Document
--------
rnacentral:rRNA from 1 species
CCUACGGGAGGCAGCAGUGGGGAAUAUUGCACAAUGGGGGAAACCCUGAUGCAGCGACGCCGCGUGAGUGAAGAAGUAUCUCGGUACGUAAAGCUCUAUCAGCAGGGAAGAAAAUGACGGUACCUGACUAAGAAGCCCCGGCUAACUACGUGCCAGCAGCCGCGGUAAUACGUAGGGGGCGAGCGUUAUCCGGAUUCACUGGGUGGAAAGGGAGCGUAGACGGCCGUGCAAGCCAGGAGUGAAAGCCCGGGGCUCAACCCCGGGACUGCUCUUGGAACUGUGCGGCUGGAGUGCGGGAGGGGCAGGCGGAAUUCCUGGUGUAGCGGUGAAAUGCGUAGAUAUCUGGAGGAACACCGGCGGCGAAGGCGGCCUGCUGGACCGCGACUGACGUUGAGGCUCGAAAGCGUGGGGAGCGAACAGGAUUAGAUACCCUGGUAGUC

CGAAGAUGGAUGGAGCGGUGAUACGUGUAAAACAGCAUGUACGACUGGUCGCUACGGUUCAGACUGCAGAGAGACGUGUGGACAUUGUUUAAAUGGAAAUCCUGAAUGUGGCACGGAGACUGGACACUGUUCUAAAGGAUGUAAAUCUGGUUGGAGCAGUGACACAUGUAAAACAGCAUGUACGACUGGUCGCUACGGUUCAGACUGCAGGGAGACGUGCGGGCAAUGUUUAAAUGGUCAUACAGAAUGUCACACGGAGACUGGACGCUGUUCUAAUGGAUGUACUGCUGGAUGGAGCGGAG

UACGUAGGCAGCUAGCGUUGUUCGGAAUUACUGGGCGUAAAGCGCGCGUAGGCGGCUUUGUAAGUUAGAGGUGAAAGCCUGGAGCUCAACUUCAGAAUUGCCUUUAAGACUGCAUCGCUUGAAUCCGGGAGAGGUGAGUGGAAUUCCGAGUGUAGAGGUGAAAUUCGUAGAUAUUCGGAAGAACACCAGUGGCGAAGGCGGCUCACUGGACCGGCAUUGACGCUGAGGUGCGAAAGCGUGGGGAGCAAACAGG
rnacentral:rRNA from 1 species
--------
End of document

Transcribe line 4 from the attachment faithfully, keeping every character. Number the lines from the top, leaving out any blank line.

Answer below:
UACGUAGGCAGCUAGCGUUGUUCGGAAUUACUGGGCGUAAAGCGCGCGUAGGCGGCUUUGUAAGUUAGAGGUGAAAGCCUGGAGCUCAACUUCAGAAUUGCCUUUAAGACUGCAUCGCUUGAAUCCGGGAGAGGUGAGUGGAAUUCCGAGUGUAGAGGUGAAAUUCGUAGAUAUUCGGAAGAACACCAGUGGCGAAGGCGGCUCACUGGACCGGCAUUGACGCUGAGGUGCGAAAGCGUGGGGAGCAAACAGG